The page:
Eye For Film >> Movies >> Wondrous Oblivion (2003) Film Review
Reviewed by: Angus Wolfe Murray
A film about cricket, attempting to emulate the success of Bend It Like Beckham, may have its time cut out. Has anyone heard of Gary Sobers?
Of course, it's not really about cricket, although the boy at its centre dotes on the game; it's about race relations, petty-minded prejudice, the English disease of fearing the foreigner.
David Wiseman is 11, the son of Polish Jews, living in South London and attending a prestigious day school, where they take their cricket seriously. For someone so keen, who knows the names of every international player, going back to W G Grace, he is surprisingly inept on the field and ends up as the scorer for the First XI.
When a West Indian family move in next door and construct a cricket net in the back garden, he's over there in a trice, despite his father, who owns a tailoring establishment and works all hours, warning him, "These are not our kind of people. We have nothing against them. But we don't mix."
Dennis (Delroy Lindo) coaches his youngest daughter, when he comes home from the foundry, and now David as well. His approach to the game is entirely positive, unlike the authoritarian conformity at school, where masters dictate and boys meekly comply: "Yes, sir. Thank you, sir." In this little South London garden, cricket is fun and David learns so quickly that he gives up scoring and is allocated a place in the team.
Meanwhile - and this is a "meanwhile" movie - his mother (Emily Woof) is attracted to the physical authority and easy grace of her next door neighbour. For years, ever since she married as a teenager, she has felt obliged to comply to her husband's wishes - dinner on the table at a certain hour, careful handling of the household budget, no personal treats - without allowing herself the privilege of independent pleasure: "Nobody taught me to be a woman."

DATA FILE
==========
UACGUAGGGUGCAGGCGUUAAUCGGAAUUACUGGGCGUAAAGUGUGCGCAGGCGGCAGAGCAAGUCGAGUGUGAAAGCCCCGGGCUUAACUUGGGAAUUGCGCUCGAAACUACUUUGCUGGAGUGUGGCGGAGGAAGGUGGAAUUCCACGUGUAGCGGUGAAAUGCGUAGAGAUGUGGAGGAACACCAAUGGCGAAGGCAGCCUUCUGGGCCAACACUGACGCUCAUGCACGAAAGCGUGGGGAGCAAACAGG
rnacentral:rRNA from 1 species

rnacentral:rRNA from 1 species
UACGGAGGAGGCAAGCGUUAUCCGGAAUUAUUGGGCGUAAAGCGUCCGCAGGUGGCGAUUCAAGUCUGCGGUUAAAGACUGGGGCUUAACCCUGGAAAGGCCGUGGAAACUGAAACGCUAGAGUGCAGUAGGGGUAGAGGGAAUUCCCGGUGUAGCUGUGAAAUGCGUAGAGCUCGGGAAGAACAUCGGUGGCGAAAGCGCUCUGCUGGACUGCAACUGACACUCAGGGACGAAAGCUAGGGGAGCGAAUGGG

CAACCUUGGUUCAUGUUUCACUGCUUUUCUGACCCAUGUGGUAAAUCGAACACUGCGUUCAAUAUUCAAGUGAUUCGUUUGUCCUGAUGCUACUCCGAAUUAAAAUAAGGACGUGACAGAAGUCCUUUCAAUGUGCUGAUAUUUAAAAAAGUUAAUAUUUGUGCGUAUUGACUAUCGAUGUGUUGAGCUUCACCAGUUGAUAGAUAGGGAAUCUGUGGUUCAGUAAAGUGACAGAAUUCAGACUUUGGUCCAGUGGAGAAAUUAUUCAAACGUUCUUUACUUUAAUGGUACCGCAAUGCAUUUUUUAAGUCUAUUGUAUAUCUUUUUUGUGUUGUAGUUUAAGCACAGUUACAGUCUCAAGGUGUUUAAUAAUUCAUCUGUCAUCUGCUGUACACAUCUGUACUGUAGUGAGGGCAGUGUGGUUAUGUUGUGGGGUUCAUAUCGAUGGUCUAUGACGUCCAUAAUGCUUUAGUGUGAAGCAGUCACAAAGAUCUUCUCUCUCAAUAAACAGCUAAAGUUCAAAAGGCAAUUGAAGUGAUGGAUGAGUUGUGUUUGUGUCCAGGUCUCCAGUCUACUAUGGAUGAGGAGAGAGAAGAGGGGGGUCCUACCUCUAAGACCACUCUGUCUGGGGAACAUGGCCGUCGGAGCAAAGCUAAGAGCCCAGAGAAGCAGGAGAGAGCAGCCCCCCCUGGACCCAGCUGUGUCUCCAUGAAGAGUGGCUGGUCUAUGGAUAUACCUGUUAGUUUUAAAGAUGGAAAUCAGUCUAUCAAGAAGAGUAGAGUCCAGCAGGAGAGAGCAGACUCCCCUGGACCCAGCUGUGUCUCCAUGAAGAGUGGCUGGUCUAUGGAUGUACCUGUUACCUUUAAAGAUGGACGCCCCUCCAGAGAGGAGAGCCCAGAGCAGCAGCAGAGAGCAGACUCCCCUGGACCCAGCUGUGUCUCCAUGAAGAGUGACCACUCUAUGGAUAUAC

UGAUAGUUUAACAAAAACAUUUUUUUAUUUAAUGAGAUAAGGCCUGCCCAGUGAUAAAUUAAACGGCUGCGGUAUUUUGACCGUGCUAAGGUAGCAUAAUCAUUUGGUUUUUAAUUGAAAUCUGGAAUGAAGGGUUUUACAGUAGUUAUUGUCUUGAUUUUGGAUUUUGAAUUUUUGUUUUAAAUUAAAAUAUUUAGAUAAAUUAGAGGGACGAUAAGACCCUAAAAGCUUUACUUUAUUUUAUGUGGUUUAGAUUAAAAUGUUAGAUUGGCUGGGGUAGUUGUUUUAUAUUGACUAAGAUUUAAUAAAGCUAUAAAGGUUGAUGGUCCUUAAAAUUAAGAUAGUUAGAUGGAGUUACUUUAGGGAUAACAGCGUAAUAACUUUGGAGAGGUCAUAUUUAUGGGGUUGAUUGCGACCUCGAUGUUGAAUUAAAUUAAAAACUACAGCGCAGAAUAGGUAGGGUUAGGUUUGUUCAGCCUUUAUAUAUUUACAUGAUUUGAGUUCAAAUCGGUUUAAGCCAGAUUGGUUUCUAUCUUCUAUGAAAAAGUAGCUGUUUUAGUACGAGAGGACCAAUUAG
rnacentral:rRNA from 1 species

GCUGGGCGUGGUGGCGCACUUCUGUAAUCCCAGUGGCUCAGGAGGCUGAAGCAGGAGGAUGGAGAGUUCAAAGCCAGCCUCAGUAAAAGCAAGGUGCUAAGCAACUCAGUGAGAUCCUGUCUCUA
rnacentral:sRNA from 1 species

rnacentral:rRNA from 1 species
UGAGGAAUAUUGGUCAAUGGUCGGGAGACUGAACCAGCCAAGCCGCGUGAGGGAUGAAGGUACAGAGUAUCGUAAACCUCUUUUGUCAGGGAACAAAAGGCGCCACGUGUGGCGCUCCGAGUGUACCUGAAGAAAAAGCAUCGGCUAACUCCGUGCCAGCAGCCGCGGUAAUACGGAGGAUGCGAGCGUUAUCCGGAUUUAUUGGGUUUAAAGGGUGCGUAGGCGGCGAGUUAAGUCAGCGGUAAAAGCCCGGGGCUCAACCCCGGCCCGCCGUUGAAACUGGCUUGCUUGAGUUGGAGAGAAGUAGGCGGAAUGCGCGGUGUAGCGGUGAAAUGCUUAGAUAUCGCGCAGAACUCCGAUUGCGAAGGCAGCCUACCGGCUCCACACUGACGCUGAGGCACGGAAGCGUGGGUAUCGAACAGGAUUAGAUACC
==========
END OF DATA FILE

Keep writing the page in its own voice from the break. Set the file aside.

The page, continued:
At the same time, both families are being subjected to racial abuse and having poison pen notes stuffed through their letter boxes. The year is 1960, when the West Indies were the best cricketers on earth and the words "Yid" and "nigger" in common parlance.
Paul Morrison's film recreates the subversive undercurrents of suspicion within a white working-class community extremely well, in addition to celebrating the dignity and perseverance of the new immigrants. Lindo, whose parents came from Jamaica, is especially fine. There seems no limits to his abilities, even bowling from a three yard run. Woof, also, excels, touching a raw nerve within the psyche of a repressed romantic.
The scenes at the school are unconvincing, as is almost everything concerning cricket, with the exception of Lindo, surprisingly enough. The quality of performance on the pitch would embarrass a Sunday team of girls. No-one takes guard at the wicket and the outfield is as rough as a public park. If David's First XI was as bad as it looks - 11-year-old cricketers from schools that care about the game know how to play strokes and even spin the ball - they should take up croquet.Reviewed on: 17 Aug 2003